I was hiking around in the Sierra Madre (the Agta’s homeland) before most of today’s Filipinos were born. I remember the Sierra Madre when most of it was still old-growth forest. It wasn’t quiet then. The sounds of the hornbill throughout the day, and the calling of deer on the hillsides at night. (Whoever thinks a rainforest is silent has never lived in it!) I remember the rivers so filled with fish that I could spear one with every dive, monkeys scolding me from the treetops, crocodiles and giant turtles swimming in the ocean, majestic hardwood trees with canopies 140 feet over my head, coral reefs and mangrove swamps teeming with marine resources. And I remember the steady supply of fish, and meat of deer, wild pig, and monkey, and wild fruits, as Agta men and women returned in the evenings from foraging trips. Today almost all of this is gone: the coral reefs destroyed by dynamite, the pig and deer decimated by high-powered rifles and nylon rope snares, the sound of the hornbill silent, the old forest reduced to scrubby jungle (Headland 1988). This year (1998) I watched Agta children searching for tiny snails for their supper while their parents came home drunk after working as day-laborers on lowland farms of Filipinos who have taken over their lands.

The Agta forest, what is left of it, is still not silent today. But it’s not the sounds of birds and animals anymore. When we were there this year (1998), it was the almost constant buzzing—no matter where we were hiking—of chain saws.

And what will happen when the last tree falls? Your children and grandchildren will know the answer to that question by the year 2030. And they will ask us then, if we are still alive, “Grandpa, how could you have let this happen?”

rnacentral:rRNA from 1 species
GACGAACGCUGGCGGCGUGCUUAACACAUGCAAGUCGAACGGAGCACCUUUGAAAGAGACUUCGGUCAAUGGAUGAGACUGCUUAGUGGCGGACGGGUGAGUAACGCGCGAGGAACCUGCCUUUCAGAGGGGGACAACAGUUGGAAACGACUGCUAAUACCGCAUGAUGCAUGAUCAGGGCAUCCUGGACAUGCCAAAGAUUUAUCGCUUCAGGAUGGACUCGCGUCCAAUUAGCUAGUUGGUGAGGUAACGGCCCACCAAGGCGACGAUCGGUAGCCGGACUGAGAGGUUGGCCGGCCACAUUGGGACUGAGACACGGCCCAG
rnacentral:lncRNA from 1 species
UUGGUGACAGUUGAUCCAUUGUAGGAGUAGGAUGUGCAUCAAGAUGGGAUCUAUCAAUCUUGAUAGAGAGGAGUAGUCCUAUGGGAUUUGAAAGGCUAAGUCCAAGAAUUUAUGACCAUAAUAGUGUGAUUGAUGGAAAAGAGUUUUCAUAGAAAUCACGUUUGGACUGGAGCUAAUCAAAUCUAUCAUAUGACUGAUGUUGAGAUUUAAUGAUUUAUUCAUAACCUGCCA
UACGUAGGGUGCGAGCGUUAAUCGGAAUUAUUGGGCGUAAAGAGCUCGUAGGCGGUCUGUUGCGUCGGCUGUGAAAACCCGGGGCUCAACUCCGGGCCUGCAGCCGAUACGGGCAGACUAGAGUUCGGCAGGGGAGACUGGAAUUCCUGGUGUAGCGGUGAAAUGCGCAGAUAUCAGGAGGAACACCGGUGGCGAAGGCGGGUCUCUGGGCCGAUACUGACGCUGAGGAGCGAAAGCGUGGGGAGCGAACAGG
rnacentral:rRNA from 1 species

References Cited

Anthropology Newsletter, 1999. Human Rights in the Philippines. Anthropology Newsletter 40(5):27.

Early, John D., and Thomas N. Headland. 1998. Population Dynamics of a Philippine Rain Forest People: The San Ildefonso Agta. Gainesville: University Press of Florida.

Eder, James F. 1987. On the Road to Tribal Extinction: Depopulation, Deculturation, and Adaptive Well-Being among the Batak of the Philippines. Berkeley: University of California Press.

EPCP. 1998. “Philippines—High Risk of Explosive Conflict.” European Platform for Conflict Prevention. Posted on their news page on the Internet in November 1998 at http://www.oneworld.org/euconflict/guides/surveys/ph.htm.

Headland, Thomas N. 1988. Ecosystemic Change in a Philippine Tropical Rain Forest and Its Effect on a Negrito Foraging Society. Tropical Ecology 29(2):121–135

———. 1999. Lessons from a Hunter-Gatherer Society: Implications for Development. Asian Studies Association of Australia—Electronic Journal 3 (May). At http://www.nepean.uws.edu.au/social/asaa/news.html.

——— and Janet D. Headland. 1997. Limitation of Human Rights, Land Exclusion, and Tribal Extinction: The Agta Negritos of the Philippines. Human Organization 56:79–90. [See condensed version of this article at http://www.sil.org/sil/roster/headland-t/agta.htm].

Pabico, Alecks P. 1998. “Landmark Law on Indigenous Peoples Hits a Dead End.” Philippine Center for Investigative Journalism. Posted on the Internet in October 1998 at http://www.pcij.org.ph/ipra.html.

Philippine News Agency. 1997. “Project Underground.” Drillbits & Tailings. Posted on the Internet on November 7, 1997, at http://www.portal.org/ProjectUnderground/drillbits/971107/97110707.html.


Date created: 3-Aug-1999
URL: http://www.sil.org/silewp/1999/004/silewp1999-004.html
Questions/Comments: SILEWP@sil.org


[SILEWP 1999 Contents | SILEWP Home | SIL Home]